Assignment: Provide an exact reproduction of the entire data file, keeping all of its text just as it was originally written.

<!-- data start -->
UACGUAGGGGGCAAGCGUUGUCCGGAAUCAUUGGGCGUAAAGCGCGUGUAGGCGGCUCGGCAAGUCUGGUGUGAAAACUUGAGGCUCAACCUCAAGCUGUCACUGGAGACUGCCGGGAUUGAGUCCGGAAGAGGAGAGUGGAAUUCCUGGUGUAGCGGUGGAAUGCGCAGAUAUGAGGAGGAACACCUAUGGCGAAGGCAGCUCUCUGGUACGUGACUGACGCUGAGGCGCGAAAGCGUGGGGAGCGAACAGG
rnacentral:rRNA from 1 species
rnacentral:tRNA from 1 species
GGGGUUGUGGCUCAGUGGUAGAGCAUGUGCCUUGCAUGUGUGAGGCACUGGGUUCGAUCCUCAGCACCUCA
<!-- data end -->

UACGUAGGGGGCAAGCGUUGUCCGGAAUCAUUGGGCGUAAAGCGCGUGUAGGCGGCUCGGCAAGUCUGGUGUGAAAACUUGAGGCUCAACCUCAAGCUGUCACUGGAGACUGCCGGGAUUGAGUCCGGAAGAGGAGAGUGGAAUUCCUGGUGUAGCGGUGGAAUGCGCAGAUAUGAGGAGGAACACCUAUGGCGAAGGCAGCUCUCUGGUACGUGACUGACGCUGAGGCGCGAAAGCGUGGGGAGCGAACAGG
rnacentral:rRNA from 1 species
rnacentral:tRNA from 1 species
GGGGUUGUGGCUCAGUGGUAGAGCAUGUGCCUUGCAUGUGUGAGGCACUGGGUUCGAUCCUCAGCACCUCA